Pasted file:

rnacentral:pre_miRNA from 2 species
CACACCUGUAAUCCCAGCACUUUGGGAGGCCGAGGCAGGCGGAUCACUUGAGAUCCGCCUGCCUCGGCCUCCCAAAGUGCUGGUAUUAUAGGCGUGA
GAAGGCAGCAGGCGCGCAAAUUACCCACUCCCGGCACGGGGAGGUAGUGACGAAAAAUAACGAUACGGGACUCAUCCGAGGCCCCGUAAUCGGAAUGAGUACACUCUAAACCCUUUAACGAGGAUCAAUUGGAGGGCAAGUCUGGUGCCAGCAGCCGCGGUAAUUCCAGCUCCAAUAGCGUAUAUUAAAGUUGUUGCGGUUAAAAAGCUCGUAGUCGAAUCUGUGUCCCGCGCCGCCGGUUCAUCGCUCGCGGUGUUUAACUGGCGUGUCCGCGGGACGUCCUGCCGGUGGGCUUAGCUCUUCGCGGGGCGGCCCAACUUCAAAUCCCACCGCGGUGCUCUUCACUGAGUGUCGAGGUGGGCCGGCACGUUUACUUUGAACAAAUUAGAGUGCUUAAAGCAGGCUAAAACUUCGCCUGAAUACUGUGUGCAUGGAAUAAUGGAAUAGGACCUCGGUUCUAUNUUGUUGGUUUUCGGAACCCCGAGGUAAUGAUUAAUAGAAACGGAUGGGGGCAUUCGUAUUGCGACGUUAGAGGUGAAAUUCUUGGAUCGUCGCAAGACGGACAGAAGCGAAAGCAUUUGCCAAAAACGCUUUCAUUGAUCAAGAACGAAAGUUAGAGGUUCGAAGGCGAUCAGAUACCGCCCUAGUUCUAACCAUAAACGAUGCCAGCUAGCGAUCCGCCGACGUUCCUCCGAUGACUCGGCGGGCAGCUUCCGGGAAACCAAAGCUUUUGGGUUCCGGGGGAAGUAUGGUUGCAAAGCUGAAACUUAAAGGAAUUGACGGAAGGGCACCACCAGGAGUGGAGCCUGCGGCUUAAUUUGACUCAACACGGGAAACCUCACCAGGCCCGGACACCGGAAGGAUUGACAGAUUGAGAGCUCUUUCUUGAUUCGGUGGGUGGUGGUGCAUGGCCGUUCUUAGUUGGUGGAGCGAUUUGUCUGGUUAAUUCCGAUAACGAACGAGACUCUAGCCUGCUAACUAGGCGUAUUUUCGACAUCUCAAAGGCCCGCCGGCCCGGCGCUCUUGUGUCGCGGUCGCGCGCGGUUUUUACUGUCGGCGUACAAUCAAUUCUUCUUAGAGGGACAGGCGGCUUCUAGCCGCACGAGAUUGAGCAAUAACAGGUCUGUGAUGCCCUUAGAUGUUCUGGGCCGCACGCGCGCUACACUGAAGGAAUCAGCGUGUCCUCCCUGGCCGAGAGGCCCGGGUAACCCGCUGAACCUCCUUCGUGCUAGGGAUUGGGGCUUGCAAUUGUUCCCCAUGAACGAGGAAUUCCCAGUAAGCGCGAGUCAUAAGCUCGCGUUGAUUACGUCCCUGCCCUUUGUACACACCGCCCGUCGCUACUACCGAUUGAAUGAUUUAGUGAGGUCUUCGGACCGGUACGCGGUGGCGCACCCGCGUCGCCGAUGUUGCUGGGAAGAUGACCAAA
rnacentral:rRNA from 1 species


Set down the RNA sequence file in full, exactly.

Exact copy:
rnacentral:pre_miRNA from 2 species
CACACCUGUAAUCCCAGCACUUUGGGAGGCCGAGGCAGGCGGAUCACUUGAGAUCCGCCUGCCUCGGCCUCCCAAAGUGCUGGUAUUAUAGGCGUGA
GAAGGCAGCAGGCGCGCAAAUUACCCACUCCCGGCACGGGGAGGUAGUGACGAAAAAUAACGAUACGGGACUCAUCCGAGGCCCCGUAAUCGGAAUGAGUACACUCUAAACCCUUUAACGAGGAUCAAUUGGAGGGCAAGUCUGGUGCCAGCAGCCGCGGUAAUUCCAGCUCCAAUAGCGUAUAUUAAAGUUGUUGCGGUUAAAAAGCUCGUAGUCGAAUCUGUGUCCCGCGCCGCCGGUUCAUCGCUCGCGGUGUUUAACUGGCGUGUCCGCGGGACGUCCUGCCGGUGGGCUUAGCUCUUCGCGGGGCGGCCCAACUUCAAAUCCCACCGCGGUGCUCUUCACUGAGUGUCGAGGUGGGCCGGCACGUUUACUUUGAACAAAUUAGAGUGCUUAAAGCAGGCUAAAACUUCGCCUGAAUACUGUGUGCAUGGAAUAAUGGAAUAGGACCUCGGUUCUAUNUUGUUGGUUUUCGGAACCCCGAGGUAAUGAUUAAUAGAAACGGAUGGGGGCAUUCGUAUUGCGACGUUAGAGGUGAAAUUCUUGGAUCGUCGCAAGACGGACAGAAGCGAAAGCAUUUGCCAAAAACGCUUUCAUUGAUCAAGAACGAAAGUUAGAGGUUCGAAGGCGAUCAGAUACCGCCCUAGUUCUAACCAUAAACGAUGCCAGCUAGCGAUCCGCCGACGUUCCUCCGAUGACUCGGCGGGCAGCUUCCGGGAAACCAAAGCUUUUGGGUUCCGGGGGAAGUAUGGUUGCAAAGCUGAAACUUAAAGGAAUUGACGGAAGGGCACCACCAGGAGUGGAGCCUGCGGCUUAAUUUGACUCAACACGGGAAACCUCACCAGGCCCGGACACCGGAAGGAUUGACAGAUUGAGAGCUCUUUCUUGAUUCGGUGGGUGGUGGUGCAUGGCCGUUCUUAGUUGGUGGAGCGAUUUGUCUGGUUAAUUCCGAUAACGAACGAGACUCUAGCCUGCUAACUAGGCGUAUUUUCGACAUCUCAAAGGCCCGCCGGCCCGGCGCUCUUGUGUCGCGGUCGCGCGCGGUUUUUACUGUCGGCGUACAAUCAAUUCUUCUUAGAGGGACAGGCGGCUUCUAGCCGCACGAGAUUGAGCAAUAACAGGUCUGUGAUGCCCUUAGAUGUUCUGGGCCGCACGCGCGCUACACUGAAGGAAUCAGCGUGUCCUCCCUGGCCGAGAGGCCCGGGUAACCCGCUGAACCUCCUUCGUGCUAGGGAUUGGGGCUUGCAAUUGUUCCCCAUGAACGAGGAAUUCCCAGUAAGCGCGAGUCAUAAGCUCGCGUUGAUUACGUCCCUGCCCUUUGUACACACCGCCCGUCGCUACUACCGAUUGAAUGAUUUAGUGAGGUCUUCGGACCGGUACGCGGUGGCGCACCCGCGUCGCCGAUGUUGCUGGGAAGAUGACCAAA
rnacentral:rRNA from 1 species